Colombo Shipping Co. Ltd. v. Chirayu Clothing (Pvt) Ltd.
COLOMBO SHIPPING CO. LTD.
CHIRAYU CLOTHING (PVT) LTD.
COURT OF APPEALSILVA, J. P/CARANARAJA, J.
C. A. 665/94
A. L.A. 224/94
C. COLOMBO 12238/MEAPRIL 5, 1995.
Addition of Parties – Civil Procedure Code Sections 18, 19, 21, 38, 46, 90 and93 – Amendment of Pleadings – Applicability of the Amending Act, No. 9 of 1991S. 93(2) – Amendments allowed only in limited circumstances – Notice underS 18.
The Respondent instituted action against the Petitioner alleging that theRespondent entered into an agreement with ‘X’ of U.S.A. for manufacture ofgarments. ‘X’ nominated the petitioner as the freight forwarder. The Respondentconsigned the goods to Y Bank of Hongkong which opened the Letters of Creditand handed over the goods to the Petitioner. The goods were shipped to U.S.A.and after clearance from Y Bank the Respondent could not obtain payment. TheRespondent claimed from the Petitioner on the ground that it had consigned thegoods to a party other than the Y Bank. The Petitioner denied having enteredinto any agreement with the Respondent claiming that it acted as an Agent of 'Z'Ltd., who were the agents of Y. The Respondent, thereafter, sought to add ‘Z’and amend the Plaint. The learned District Judge allowed the amendment.
The amendment sought should make the real issue clearer.
The real Issue is whether the Petitioner consigned the goods to Y Bank ornot; adding ‘Z’ Ltd., will not make this issue clearer.
The Respondent, having chosen to sue the Petitioner cannot by adding 'Z'Ltd., rectify the mistake of instituting action against the wrong party.
Proper course is to drop the action and commence a fresh action against theproper party.
‘Z’ Ltd., has been added without the requisite Notice. Hence it is also not inconformity with the requirements of Section 18.
Sri Lanka Law Reports
 2 Sri L.R.
After the amendment No. 9 of 1991, if an application is made to add a partyafter the first date of trial, Sec. 18, 21, 93(2) of the Code should be read togetherin allowing or refusing such an application.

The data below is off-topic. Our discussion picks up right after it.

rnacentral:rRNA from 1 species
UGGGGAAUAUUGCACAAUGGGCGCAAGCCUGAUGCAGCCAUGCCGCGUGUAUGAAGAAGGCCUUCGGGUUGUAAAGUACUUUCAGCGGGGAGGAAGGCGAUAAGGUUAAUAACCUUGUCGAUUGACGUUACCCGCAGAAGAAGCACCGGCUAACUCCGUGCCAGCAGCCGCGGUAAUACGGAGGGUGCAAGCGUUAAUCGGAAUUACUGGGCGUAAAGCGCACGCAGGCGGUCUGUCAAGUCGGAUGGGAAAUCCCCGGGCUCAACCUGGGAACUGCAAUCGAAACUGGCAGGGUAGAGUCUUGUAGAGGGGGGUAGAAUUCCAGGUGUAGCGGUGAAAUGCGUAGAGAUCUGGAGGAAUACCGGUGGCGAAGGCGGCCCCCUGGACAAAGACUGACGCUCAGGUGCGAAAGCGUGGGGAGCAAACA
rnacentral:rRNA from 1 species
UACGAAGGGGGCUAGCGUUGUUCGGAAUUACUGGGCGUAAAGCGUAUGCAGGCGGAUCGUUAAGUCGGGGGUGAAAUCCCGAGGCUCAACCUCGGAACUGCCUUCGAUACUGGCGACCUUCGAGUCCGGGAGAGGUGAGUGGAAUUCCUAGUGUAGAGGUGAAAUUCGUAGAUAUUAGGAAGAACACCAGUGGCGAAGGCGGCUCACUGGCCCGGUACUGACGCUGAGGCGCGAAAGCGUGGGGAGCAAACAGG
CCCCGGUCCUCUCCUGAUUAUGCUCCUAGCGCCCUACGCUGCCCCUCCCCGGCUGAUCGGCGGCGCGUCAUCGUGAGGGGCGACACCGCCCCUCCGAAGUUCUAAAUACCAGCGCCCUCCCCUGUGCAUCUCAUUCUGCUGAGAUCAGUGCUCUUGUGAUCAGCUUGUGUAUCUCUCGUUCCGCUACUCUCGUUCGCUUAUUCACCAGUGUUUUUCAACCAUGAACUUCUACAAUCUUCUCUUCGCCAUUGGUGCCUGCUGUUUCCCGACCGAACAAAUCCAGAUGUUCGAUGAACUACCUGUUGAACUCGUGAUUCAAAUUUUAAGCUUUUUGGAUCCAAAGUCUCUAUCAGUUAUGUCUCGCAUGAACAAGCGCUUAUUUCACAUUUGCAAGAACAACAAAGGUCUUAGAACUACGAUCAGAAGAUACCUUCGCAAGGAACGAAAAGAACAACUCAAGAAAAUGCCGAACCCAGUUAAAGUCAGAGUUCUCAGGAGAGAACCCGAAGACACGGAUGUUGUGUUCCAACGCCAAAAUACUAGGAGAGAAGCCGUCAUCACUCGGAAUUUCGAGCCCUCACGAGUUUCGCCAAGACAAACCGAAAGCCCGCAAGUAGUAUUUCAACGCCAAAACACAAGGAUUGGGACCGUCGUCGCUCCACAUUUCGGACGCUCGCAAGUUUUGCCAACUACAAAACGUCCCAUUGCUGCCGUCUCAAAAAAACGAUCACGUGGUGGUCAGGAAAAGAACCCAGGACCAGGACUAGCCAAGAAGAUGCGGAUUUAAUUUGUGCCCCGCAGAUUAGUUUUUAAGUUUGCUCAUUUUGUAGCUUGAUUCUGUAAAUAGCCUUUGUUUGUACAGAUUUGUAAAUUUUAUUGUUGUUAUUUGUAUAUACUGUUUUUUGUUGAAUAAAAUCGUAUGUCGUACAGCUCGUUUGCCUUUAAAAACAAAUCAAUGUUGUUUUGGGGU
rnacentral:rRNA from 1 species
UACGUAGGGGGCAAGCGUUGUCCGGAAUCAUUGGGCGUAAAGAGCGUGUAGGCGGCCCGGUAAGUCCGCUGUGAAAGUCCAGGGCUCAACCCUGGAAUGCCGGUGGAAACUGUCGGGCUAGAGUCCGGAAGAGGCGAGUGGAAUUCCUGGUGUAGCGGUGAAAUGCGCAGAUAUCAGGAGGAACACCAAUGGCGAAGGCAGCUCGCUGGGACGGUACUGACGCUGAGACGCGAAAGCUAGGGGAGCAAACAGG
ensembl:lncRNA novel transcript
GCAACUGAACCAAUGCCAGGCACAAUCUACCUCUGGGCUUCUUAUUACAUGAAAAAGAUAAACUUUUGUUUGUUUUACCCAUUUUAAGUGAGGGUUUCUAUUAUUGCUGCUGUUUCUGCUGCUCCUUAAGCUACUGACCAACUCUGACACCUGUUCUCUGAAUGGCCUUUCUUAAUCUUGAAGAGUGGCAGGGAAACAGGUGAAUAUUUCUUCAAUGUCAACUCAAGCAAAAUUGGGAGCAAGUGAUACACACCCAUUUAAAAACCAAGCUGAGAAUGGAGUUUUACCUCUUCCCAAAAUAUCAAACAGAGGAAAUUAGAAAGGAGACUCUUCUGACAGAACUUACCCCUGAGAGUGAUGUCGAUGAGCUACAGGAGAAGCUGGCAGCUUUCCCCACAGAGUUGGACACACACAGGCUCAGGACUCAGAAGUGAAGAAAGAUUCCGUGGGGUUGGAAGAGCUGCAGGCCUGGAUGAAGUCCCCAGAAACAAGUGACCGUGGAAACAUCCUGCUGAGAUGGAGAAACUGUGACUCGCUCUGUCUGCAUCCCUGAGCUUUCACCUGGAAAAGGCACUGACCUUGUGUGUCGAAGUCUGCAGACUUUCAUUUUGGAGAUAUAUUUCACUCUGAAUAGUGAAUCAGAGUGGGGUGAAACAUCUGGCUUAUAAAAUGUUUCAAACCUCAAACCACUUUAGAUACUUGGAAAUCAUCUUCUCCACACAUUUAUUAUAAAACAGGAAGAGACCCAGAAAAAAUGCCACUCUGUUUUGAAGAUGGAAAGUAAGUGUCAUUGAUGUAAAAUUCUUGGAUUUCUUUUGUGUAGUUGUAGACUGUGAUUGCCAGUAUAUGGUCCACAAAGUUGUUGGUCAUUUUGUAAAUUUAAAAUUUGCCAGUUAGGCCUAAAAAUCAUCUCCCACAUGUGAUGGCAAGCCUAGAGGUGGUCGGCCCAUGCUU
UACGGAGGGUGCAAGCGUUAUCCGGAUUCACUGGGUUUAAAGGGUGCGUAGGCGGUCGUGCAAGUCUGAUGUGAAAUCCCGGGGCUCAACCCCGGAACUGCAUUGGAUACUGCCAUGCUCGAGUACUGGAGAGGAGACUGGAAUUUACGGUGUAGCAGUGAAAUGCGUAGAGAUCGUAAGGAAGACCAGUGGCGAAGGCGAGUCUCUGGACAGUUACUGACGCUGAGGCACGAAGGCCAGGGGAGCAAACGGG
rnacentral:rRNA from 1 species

Per Ranaraja J.
"Amendments on and after the first date of trial can now be allowed only in verylimited circumstances namely, when the Court is satisfied that grave andirremediable injustice will be caused, if the amendment is not permitted and theParty is not guilty of laches”.
Cases referred to:
Ratwatte v. Owen-2 N.L.R. 141.
Kira v. Kira- 3 C.L.R. 73.
Don Alwis v V.C. of Hiripitiya- 54 N.L.R. 225.
Loos v. Schrenguivel – 3 C.L.R. 47.
Banda v. Dharmaratne- 24 N.L.R. 210.
AN APPLICATION in Revision from an Order of the District Court of Colombo.
S. Sivarasa, PC. with K. M. Basheer Ahamedfor Petitioner.
G. D. L. Weerasinghe for Respondent.
Cur. adv. vul
The Respondent instituted action against the Petitioner alleginginter alia, that the respondent entered into an agreement with C. S. I.Garments Incorporated, U.S.A., (C.S.I.) for the manufacture ofgarments, C.S.I. nominated the petitioner as the freightforwarder/consolidator. The respondent consigned the goods,(garments) to the Philadelphia National Bank of Hong Kong, whichopened the letters of credit and handed over the goods to thepetitioner for shipment. The goods were shipped to U. S. A. and werecleared by the U.S. customs. The respondent was unable to obtainpayment from the said Bank. Hence, the respondent claimed a sumof US $ 24,277.33 from the petitioner on the ground that it hadconsigned the goods to a party other than the Philadelphia NationalBank, or on the alternative ground of unjust enrichment.
CA Colombo Shipping Co. Ltd. v. Chirayu Clothing (Pvt) Ltd. (Ranaraja, J.)99
The petitioner denied having entered into any agreement with therespondent. It claimed to have acted at all times as agent of BuyersConsolidators Ltd.; of Hong Kong, who were in turn the agents ofC.S.I.
The matter was fixed for trial on 10.6.93, on which day, the trialwas refixed for 27.10.93. On 6.9.93, the respondent made anapplication under Section 18 of the Civil Procedure Code to addBuyers Consolidators Ltd; (added defendant), as a defendant andalso amend the plaint. The petitioner objected to the respondent'sapplication. The Additional District Judge however allowed theapplication on 30.9.94. These applications in Revision and leave toappeal are from that order.
The petitioner has adduced four grounds why the order cannot besustained. Namely, (1) There is no agreement pleaded between therespondent and the petitioner. (2) An action brought against a wrongparty cannot be converted by adding a new party. (3) The properprocedure in seeking to add the new party has not been followed. (4)The application for the amendment of pleadings cannot be alloweddue to laches on the part of the respondent.